Governor Establishes the Ohio Complete Count Committee for the 2010 Census

 
Governor Establishes the Ohio Complete Count Committee for the 2010 Census

Thursday, April 16th, 2009



COLUMBUS – . . . “The data collected during the 2010 Census will be used to distribute more than $300 billion dollars in federal funds each year to states and local communities and determine Ohio’s representation in the U.S. House of Representatives during the next decade.”

Ohio Governor Ted Strickland today signed an executive order that establishes the Ohio Complete Count Committee for the 2010 Census and names State Treasurer Kevin Boyce to serve as chair.

As chair of the Ohio Complete Count Committee, Boyce will lead the effort to raise public awareness on the 2010 Census and to work with local communities to ensure Ohio receives appropriate funding levels from the federal government.

“It is critical that we have an accurate count of every individual living in Ohio,” Strickland said. “We are encouraging all Ohioans to actively engage in this important process.”

The data collected during the 2010 Census will be used to distribute more than $300 billion dollars in federal funds each year to states and local communities and determine Ohio’s representation in the U.S. House of Representatives during the next decade.

Ohio state agencies, including the Departments of Job and Family Services, Education, Health, Aging and the Board of Regents (higher education), received more than $13 billion in federal resources from census based-formula awards in the state fiscal year ending June 30, 2007, based on an assessment of Ohio Office of Budget and Management data.

“As the agency entrusted with protecting the people’s money, it is critical to the Ohio Treasury that we have an accurate count of Ohio residents,” said Treasurer Kevin Boyce. “This will allow us to ensure that hard-working Ohioans receive each and every federal dollar they deserve so that we can make these funds work on their behalf.”

“Kevin’s effective management skills and diverse background will be hugely beneficial in our efforts to reach every Ohio resident,” Strickland said. “He shares my administration’s commitment to ensuring that Ohio receives its fair share of federal funding and representation.”

Interim Director of the Ohio Department of Development, Mark Barbash, will serve as Vice Chair of the Committee.

An online interactive census Web site, www.census.ohio.gov, has also been established to serve citizens and local communities by providing additional information regarding the 2010 Census and offering ways to partner with the Complete Count Committee.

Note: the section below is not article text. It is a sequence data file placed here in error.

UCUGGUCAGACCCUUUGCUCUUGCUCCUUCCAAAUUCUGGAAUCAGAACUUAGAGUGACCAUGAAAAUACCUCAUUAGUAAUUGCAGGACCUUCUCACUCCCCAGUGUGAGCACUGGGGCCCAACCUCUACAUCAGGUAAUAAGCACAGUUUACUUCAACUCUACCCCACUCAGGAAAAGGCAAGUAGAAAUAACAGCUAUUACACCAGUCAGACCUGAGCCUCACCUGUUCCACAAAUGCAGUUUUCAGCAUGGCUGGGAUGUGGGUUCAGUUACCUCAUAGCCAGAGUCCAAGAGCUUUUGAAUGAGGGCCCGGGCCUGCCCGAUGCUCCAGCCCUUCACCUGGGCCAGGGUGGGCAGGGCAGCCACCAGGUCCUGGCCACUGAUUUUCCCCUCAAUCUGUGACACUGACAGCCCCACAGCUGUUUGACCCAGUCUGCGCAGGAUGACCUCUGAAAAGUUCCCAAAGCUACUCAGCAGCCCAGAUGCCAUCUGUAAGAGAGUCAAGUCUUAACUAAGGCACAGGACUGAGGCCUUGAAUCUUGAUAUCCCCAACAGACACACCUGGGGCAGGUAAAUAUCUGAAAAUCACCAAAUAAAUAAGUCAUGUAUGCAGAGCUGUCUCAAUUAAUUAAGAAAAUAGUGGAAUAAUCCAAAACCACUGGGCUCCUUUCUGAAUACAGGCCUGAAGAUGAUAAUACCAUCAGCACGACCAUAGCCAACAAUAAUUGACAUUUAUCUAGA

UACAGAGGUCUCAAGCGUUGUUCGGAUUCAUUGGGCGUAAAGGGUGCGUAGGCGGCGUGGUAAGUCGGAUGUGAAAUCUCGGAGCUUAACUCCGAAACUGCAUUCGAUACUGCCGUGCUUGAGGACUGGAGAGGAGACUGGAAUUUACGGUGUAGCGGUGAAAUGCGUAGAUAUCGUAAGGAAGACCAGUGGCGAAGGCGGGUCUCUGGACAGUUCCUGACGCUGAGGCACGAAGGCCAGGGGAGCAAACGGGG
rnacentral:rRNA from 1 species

Timeline for the 2010 Census

During the months of February and March 2010, census questionnaires will be mailed or delivered to each household throughout Ohio. These forms are due to be returned by mail by Census Day, which is April 1, 2010. The short forms take only minutes to fill out, but will have an impact on Ohio’s future for the next 10 years.

Between April and July 2010, census takers will visit households that did not return a questionnaire by mail. In December 2010, the Census Bureau will deliver population counts to the President of the United States for apportionment, the process of proportionately dividing the 435 seats in the U.S. House of Representatives among the 50 states.

Information obtained by Census Bureau employees is kept with strict confidentiality. Census Bureau employees have taken an oath to protect confidentiality and are subject to a jail term, fine – or both – for disclosing any information that could identify a respondent of a household. Census workers must also pass security and employment reference checks.

About the Census

The census is a count of everyone living in the United States and is conducted every 10 years as mandated by the United States Constitution, Article 1, Section 2. The census serves as the instrument for measuring the nation’s population. Changes have occurred periodically in the way in which data is collected for the census. Listed below are several important changes to the 2010 Census:

  • 2010 Census will be short form only-just 10 easy questions
  • The long form is now part of the annual American Community Survey
  • Handheld computers with Global Positioning System will be used to verify the address list in 2009

Besides determining congressional seats and federal funding, census data also serves other important purposes that directly impact Ohio. The federal government uses population data to allocate funds in a number of areas:

  • Title 1 grants to educational agencies (school districts across the nation)
  • Head Start programs
  • Women, Infants, and Children (WIC) (food grants)
  • Public transportation
  • Road rehabilitation and construction
  • Programs for the elderly
  • Emergency food and shelter
  • Empowerment zones

The federal government has estimated efforts to conduct the 2010 Census will create 10,000-15,000 jobs in Ohio, and will establish a regional office in each of Ohio’s 18 congressional districts to assist in outreach efforts.

In addition to the 2010 federal budget allocation, approximately $1 billion in American Recovery and Reinvestment Act resources will be used to support Census activities, for example: to open local census offices, support additional staff, collect census information, finalize data capture, and launch a national advertising campaign. Ohio intends to advocate for a share of these resources to support state and local Complete Count Committee efforts.